Two former republican prisoners beaten behind bars as teenagers are to receive five-figure compensation payouts via an unusual route.
The awards were made to north Belfast men Francis Hamilton and Patrick Harkin in claims determined by the Historical Institutional Abuse (HIA) Redress Board, which has been examining sexual and physical abuse of children in the north of Ireland.
Lawyers for the pair said their cases are among an increasing number of former prisoners awarded compensation for what they suffered as youths. Both men’s applications to the HIA Redress Board included abusive treatment at St Patrick’s Training School.
Importantly, Mr Hamilton also claimed over his treatment while being held at Crumlin Road Prison and Long Kesh between 1974 and 1975, where he endured heavy levels of physical abuse from both staff and other prisoners
One incident involved the deployment of CS nerve gas and being beaten by British Army soldiers when a fire broke out at the Long Kesh internment camp in October 1974. He was beaten and forced to run a gauntlet in order to get food which, at times, amounted to just two slices of bread and a single glass of milk per day.
Mr Hamilton recalled one soldier stating: “That child’s petrified, he shouldn’t even be here.”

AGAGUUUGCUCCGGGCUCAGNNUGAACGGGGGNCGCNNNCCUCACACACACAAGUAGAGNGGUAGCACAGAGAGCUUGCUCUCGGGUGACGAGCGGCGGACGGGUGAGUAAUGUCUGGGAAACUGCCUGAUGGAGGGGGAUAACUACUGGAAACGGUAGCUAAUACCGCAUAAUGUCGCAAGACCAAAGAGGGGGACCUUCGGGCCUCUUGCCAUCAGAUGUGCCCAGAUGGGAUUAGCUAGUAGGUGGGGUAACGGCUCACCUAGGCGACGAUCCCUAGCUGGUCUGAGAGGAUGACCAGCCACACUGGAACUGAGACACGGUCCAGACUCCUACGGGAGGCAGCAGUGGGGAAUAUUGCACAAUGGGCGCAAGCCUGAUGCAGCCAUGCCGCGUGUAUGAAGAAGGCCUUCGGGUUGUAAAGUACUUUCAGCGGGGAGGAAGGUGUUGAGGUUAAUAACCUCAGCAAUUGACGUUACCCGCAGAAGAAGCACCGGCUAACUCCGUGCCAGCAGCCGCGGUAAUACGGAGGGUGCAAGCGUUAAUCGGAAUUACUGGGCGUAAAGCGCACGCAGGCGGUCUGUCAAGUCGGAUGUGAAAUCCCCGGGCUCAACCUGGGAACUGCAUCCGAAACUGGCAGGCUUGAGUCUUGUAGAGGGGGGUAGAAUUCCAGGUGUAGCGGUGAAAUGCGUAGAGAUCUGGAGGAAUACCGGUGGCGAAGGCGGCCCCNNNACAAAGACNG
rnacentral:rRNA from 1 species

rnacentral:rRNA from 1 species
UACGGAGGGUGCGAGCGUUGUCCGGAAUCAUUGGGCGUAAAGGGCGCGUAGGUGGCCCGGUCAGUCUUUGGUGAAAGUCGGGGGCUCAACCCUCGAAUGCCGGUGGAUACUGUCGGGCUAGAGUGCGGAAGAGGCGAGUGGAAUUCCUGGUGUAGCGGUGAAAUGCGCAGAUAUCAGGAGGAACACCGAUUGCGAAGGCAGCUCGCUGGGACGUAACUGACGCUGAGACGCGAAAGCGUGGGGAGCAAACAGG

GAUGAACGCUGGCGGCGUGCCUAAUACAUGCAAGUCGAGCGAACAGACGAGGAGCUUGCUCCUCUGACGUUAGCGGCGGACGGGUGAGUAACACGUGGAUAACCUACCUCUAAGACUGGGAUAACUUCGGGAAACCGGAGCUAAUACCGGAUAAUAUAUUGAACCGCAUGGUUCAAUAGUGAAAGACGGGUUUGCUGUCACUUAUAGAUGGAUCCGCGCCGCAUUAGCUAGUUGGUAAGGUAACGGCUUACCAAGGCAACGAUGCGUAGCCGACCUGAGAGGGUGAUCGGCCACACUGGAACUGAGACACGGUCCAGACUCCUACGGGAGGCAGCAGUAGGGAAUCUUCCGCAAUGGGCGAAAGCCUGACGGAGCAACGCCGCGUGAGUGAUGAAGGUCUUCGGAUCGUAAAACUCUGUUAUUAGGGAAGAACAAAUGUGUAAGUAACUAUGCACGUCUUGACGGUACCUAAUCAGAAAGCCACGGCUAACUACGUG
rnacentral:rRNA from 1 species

A claim was also brought on behalf of Mr Harkin over his treatment after being remanded at Crumlin Road Prison as a 14-year-old in 1974. He was repeatedly slapped and punched in the face by prison warders as well as living with constant threats from other prisoners.
Mr Harkin described being put into a punishment cell because he was too young to go into the general prison population, and removed to a hospital wing on 23-hour lock up.
Their legal representatives, KRW Law, has revealed that they are to receive “significant five-figure compensation sums”.
Padraig McIlkinney, of the Belfast firm’s Historic Abuse and Redress Department said: “The unacceptable conditions Frankie and Paddy had to live in typified the abuse suffered by so many other detained children during this time in the conflict.”
Mr McIlkinney added: “I am pleased that once again we have seen some State recognition of the ordeals sustained by ex-political prisoners. I commend the HIA (Redress Board) in their decision making.”